Gauging the Progress of the National Health Information Technology Initiative: Perspectives from the Field
This is archived content; for historical reference only.
In April 2004, then president Bush outlined a plan to ensure that most Americans would have electronic health records within 10 years. The president told the public he believed that better health information technology was essential to realizing his vision for the health care system, addressing the issues of preventable errors, uneven quality, and rising costs.
To advance the president’s plan, Dr. David Brailer, the nation’s first health information technology coordinator, pursued a strategy constructed around the proliferation of electronic health record (EHR) systems. The strategy included the creation of a National Health Information Technology Network, a Healthcare Information Technology Standards Panel, and other projects designed to promote EHR use and adoption.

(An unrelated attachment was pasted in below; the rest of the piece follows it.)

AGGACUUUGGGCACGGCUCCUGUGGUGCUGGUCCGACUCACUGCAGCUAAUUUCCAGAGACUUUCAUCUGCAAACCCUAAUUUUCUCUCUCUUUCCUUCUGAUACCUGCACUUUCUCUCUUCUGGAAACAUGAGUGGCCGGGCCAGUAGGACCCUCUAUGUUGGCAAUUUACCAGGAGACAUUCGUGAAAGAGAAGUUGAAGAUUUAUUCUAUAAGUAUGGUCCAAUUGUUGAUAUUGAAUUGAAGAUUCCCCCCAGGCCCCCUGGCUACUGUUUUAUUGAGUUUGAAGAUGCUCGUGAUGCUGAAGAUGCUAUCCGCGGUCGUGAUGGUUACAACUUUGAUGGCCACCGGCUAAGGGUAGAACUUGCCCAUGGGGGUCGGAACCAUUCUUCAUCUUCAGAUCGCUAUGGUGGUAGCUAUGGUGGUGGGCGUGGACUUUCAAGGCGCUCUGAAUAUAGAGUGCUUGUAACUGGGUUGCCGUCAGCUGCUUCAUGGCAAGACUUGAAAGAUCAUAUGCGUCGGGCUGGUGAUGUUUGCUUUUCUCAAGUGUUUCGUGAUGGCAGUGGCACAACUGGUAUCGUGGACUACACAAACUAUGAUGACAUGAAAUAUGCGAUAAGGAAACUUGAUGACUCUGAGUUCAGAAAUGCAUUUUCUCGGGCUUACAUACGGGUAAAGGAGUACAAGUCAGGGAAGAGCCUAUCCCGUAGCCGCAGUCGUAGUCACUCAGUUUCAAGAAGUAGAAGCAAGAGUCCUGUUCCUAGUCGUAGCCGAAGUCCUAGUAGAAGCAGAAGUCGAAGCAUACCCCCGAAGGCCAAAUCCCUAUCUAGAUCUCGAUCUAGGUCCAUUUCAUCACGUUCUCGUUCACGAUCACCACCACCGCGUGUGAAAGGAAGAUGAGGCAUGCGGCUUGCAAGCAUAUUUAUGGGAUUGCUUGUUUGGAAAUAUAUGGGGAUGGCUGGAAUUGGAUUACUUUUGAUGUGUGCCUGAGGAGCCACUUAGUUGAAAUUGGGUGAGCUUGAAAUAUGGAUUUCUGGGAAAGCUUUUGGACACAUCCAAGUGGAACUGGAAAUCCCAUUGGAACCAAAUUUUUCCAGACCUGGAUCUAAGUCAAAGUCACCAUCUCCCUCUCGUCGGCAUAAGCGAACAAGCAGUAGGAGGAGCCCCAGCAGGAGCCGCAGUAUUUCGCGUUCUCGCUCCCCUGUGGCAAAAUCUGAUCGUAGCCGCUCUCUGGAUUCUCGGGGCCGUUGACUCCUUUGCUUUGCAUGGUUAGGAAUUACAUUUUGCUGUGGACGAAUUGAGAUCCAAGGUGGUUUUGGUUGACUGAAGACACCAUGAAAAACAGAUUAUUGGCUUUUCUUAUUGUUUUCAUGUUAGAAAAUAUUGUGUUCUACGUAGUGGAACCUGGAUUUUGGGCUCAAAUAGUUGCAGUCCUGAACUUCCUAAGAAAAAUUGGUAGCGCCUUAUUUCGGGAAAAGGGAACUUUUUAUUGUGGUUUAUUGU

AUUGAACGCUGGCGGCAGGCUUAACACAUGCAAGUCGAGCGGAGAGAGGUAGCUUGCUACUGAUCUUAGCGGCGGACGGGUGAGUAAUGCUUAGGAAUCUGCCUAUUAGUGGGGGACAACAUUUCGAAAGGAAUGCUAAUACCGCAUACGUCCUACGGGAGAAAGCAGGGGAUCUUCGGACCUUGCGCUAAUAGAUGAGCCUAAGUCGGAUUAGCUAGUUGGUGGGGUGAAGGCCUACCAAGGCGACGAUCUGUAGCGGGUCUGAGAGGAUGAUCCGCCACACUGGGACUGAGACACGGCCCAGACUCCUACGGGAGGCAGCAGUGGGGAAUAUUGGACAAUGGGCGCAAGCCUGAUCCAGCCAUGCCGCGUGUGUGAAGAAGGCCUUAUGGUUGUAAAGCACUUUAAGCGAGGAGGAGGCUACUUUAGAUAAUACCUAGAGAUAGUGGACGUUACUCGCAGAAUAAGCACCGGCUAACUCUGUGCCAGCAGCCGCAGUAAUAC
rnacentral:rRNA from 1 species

In an effort to assess how much progress has been made toward the president’s goal, the California HealthCare Foundation commissioned interviews with nearly two dozen leaders and experts in health information technology. The results suggest that while the federal initiative has raised awareness about a number of important issues, it has yet to produce the kind of fundamental changes needed to usher in a nationwide EHR system.
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